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The New Business Imperative


Thu May 24 2012


(From UNC Kenan-Flagler) -- Nearly 50 years ago, The Personnel Administrator (the precursor to the Society for Human Resource Management’s HR Magazine) published the article, “Women at Work: One of the Most Controversial Issues of the Sixties,” by Dr. Daniel Kruger. The article examined the societal, labor and economic forces that were compelling women to join the workforce. As to why he wrote the article, Kruger noted that “our concern here is with the role of women in the labor force. We leave others to discuss the impact of working women on family life, mental health, juvenile delinquency and on society as a whole.” (SHRM, 2008).

The debate surrounding women in the workforce has shifted somewhat in 50 years, but it still continues. In 1964, women comprised nearly 40 percent of the U.S. labor force (up from 32 percent in 1948). Today, women make up 61 percent of the labor force and are attaining college-level degrees at a faster rate than their male counterparts \[Bureau of Labor Statistics (BLS) in U.S. Department of Commerce et al, 2011\].


There are definite rewards for organizations that target women in their recruiting, development and retention efforts. A Thomson Reuters study found that organizations which are ahead of their peers in breaking the glass ceiling tend to have share prices that outperform their competitors, particularly in difficult market conditions (Chanavat, n.d.). And, a 2007 McKinsey study found that organizations with a higher percentage of women in top management positions had a 17 percent higher growth in stock prices and a 1.1 percent larger return on equity. Yet gaps persist between men and women in the workforce in terms of pay, career path, and leadership development.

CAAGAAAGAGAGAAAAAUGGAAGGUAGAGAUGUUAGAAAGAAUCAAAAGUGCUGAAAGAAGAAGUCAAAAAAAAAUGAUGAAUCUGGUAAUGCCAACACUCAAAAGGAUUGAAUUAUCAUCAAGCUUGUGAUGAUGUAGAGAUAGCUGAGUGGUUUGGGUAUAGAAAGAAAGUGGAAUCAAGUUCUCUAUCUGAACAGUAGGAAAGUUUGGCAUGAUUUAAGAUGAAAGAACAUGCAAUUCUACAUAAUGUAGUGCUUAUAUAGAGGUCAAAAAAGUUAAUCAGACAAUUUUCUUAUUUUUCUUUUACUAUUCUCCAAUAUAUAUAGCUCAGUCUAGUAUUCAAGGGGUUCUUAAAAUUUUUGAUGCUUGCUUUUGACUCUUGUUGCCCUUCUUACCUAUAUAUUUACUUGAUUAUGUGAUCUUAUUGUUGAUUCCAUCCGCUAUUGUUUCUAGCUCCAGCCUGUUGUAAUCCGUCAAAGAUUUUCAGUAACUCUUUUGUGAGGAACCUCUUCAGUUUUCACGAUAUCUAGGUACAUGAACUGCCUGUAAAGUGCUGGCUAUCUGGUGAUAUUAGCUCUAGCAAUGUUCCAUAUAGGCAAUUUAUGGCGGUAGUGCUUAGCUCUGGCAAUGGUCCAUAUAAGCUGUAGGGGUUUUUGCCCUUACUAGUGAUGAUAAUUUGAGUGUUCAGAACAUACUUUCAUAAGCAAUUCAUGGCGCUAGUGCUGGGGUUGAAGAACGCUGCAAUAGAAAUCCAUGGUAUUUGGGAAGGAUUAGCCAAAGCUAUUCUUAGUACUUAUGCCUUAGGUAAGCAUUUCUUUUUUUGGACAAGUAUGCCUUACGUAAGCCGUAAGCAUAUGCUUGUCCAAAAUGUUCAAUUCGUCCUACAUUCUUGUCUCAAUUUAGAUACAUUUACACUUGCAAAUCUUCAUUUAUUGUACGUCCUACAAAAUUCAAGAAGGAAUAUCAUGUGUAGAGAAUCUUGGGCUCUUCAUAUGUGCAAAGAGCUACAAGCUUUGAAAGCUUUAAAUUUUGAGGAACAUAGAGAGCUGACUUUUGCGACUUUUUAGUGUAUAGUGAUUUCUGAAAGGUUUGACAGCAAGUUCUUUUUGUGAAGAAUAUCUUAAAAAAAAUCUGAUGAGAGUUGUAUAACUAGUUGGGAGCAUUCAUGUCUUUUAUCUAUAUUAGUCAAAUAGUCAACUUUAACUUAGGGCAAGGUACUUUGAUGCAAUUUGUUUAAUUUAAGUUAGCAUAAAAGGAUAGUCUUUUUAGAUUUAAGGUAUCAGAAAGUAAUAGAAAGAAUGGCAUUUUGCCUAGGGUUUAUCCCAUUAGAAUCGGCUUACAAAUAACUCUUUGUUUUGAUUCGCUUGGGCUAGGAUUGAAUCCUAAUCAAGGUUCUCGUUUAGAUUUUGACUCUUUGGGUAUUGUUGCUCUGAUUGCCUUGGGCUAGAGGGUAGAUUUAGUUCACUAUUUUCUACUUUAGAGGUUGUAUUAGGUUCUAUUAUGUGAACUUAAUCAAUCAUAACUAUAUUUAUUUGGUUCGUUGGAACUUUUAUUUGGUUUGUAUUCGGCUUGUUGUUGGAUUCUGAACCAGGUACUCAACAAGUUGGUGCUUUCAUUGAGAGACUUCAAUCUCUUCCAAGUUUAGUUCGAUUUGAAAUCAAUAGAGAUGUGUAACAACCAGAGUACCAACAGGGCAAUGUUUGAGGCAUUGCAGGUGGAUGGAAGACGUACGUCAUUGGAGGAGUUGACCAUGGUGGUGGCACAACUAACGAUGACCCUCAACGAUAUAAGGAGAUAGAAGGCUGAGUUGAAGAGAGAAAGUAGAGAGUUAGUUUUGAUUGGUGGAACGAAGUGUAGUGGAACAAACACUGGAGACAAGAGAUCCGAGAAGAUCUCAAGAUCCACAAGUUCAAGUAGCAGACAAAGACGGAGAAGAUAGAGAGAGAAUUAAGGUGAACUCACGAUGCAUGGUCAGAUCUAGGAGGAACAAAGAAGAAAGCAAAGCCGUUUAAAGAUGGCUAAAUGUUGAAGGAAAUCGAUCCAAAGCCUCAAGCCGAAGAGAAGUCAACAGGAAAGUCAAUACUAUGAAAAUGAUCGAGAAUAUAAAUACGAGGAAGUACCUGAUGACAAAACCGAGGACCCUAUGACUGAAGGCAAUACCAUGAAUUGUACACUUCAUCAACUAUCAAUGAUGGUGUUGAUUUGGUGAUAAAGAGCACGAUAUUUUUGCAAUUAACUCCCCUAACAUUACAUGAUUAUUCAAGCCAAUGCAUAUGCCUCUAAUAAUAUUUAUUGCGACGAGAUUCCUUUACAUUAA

A new whitepaper by UNC Kenan-Flagler, The New Business Imperative: Recruiting, Developing and Retaining Women in the Workplace

  • explores the changing role of women in the workplace and the business imperative to foster women’s roles in organizations

  • examines the persisting gap in female representation in leadership positions

  • looks at perception gaps found in a 2012 University of North Carolina (UNC) Leadership Survey of women and men in senior leadership roles on the effectiveness of organizations in recruiting, developing, and retaining female employees

  • offers HR and talent management professionals effective steps they can take to recruit, develop, and retain women in organizational leadership roles.

Read the whitepaper.

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